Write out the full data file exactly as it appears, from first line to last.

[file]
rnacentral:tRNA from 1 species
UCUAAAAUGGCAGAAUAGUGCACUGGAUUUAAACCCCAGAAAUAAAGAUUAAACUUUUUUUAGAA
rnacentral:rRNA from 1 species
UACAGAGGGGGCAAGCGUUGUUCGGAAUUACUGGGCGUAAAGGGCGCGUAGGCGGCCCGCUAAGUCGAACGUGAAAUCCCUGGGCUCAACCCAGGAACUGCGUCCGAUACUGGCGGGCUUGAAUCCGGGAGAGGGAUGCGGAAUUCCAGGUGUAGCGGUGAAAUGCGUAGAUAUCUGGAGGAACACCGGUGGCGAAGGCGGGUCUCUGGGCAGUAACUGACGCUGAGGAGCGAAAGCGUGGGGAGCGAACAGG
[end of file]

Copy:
rnacentral:tRNA from 1 species
UCUAAAAUGGCAGAAUAGUGCACUGGAUUUAAACCCCAGAAAUAAAGAUUAAACUUUUUUUAGAA
rnacentral:rRNA from 1 species
UACAGAGGGGGCAAGCGUUGUUCGGAAUUACUGGGCGUAAAGGGCGCGUAGGCGGCCCGCUAAGUCGAACGUGAAAUCCCUGGGCUCAACCCAGGAACUGCGUCCGAUACUGGCGGGCUUGAAUCCGGGAGAGGGAUGCGGAAUUCCAGGUGUAGCGGUGAAAUGCGUAGAUAUCUGGAGGAACACCGGUGGCGAAGGCGGGUCUCUGGGCAGUAACUGACGCUGAGGAGCGAAAGCGUGGGGAGCGAACAGG